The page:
The Green Bay Packers have been in need of a defensive play maker since they cut Charles Woodson in 2013. Jabrill Peppers, the 21 year old Michigan junior has been compared to the 1997 Heisman winner, but does not have the same ball hawking ability of the future Hall of Famer.
Michigan had a lot of depth at defensive back, so they asked him to play as a linebacker. This allowed him to attack the line of scrimmage and play all over the field. In the NFL, I see him playing the Deone Bucannon hybrid safety role, matching up with the athletic tight ends around the league, and plugging up running lanes.
Peppers is 5’11” 210 pounds and a dynamic athlete. At the combine, He ran a 4.46 in the 40 yard dash, 19 reps on the bench press, and jumped 35.5 inches on the vertical leap. Deone Bucannon, who I believe is his best comparison, is 6’1″ 215 pounds. At the 2014 draft combine, he ran a 4.49 in the 40 yard dash, 19 reps on the bench press, and jumped a 36.5 inches on the vertical leap.
One part of Jabrill’s game that does compare with Charles Woodson is his ability to attack the line of scrimmage. Most defensive backs sit in their hole five yards down the field, and wait for the ball carrier to make their way up field to attempt their tackle. Peppers does a great job moving up field, trying to blow up the play.
He uses angles at an elite level. Peppers keeps his feet moving and waits for the ball carrier to make the slightest commitment to their next move, then he bounces like any great predator.
The Michigan star is difficult to block, with his ability to cut on a dime, it’s just hard to get your hands on him. He’ll plant his outside foot, and quickly cut back to his inside foot as a lower body swim move. Next thing you know, he’s past the blocker taking the ball carrier to the ground.
Peppers wants to play safety at the NFL level, as he discussed at the NFL combine. The biggest problem he’ll face is the lack of time he spent actually playing safety at Michigan. The NFL scouts have very little tape to gauge him, which could hurt his draft stock.
He’s undersized for a NFL linebacker, leaving teams to either buy into him as a safety, or decide if his skill set will make up for his lack of size.
At either position, his play making skills have been put into question. He only intercepted one pass in his college career, coming in his final game against Ohio State. The only fumble he forced came against Central Florida, and he caused it by hitting the quarterback on an option run, right as he was pitching the ball.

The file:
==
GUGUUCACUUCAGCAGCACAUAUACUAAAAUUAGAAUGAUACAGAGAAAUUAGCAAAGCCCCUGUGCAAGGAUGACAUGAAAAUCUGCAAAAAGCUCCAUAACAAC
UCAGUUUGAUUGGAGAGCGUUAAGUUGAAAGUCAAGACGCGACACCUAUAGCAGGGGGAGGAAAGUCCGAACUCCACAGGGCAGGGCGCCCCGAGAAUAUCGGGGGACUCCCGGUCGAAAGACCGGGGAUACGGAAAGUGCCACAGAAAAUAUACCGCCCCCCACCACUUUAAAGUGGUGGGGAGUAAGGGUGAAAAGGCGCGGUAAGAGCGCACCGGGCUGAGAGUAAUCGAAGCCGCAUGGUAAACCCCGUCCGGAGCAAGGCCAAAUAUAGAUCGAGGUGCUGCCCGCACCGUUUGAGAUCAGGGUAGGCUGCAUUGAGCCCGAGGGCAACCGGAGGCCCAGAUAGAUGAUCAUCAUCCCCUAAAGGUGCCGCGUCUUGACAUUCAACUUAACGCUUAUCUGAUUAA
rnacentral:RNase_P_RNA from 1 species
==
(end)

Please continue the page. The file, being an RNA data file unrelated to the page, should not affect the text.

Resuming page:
Another issue he faces is over committing to making a big play. He’ll use his insane vision to find a gap to the ball carrier, and try to make the big play. It can hurt the team’s defense, as he has left his gap assignment, leaving a big hole in the team’s defense.
Jabrill Peppers’ draft stock is very fluid. There’s a lot going on with him. Teams aren’t sure which position he’ll play, which makes it more difficult to commit a first round pick. His pro day will have a lot of influence on his stock.
If he plays well, and shows the ability to stay with receivers down the field, he could be drafted in the top half of the first round. If he slips on the top of a route, he could find himself being drafted early in the second round. As a Packer fan, you may want to head to Ann Arbor and grease the practice field.
Fit with Packers:
The Michigan star would fit on the Packers in multiple roles. Green Bay could use one of the new hybrid safety-linebackers to match up with the ever more athletic tight ends around the league. But, the Packers have also lost Micah Hyde to free agency. Hyde did a whole lot of different things for the team.
Peppers could be used in the Micah Hyde role, running all over the field matching up with anyone from a slot receiver, an athletic tight end, or a star receiver on the edge. He wouldn’t be as good of a cover man as Hyde, who always seemed to be on the hip of his assignment. However, Peppers is the far superior player at the line of scrimmage. He could get into gaps that Hyde’s physique didn’t allow, and pressure the quarterback or bang heads with the running back.
The Packers are pretty happy with Ha-Ha Clinton-Dix and Morgan Burnett, but sometimes you just need to take a risk on a big talent. Especially one that brings the shoe string, line of scrimmage attack that Charles Woodson once brought to the team. If he’s available with the 29th pick, they’d be well off taking the risk.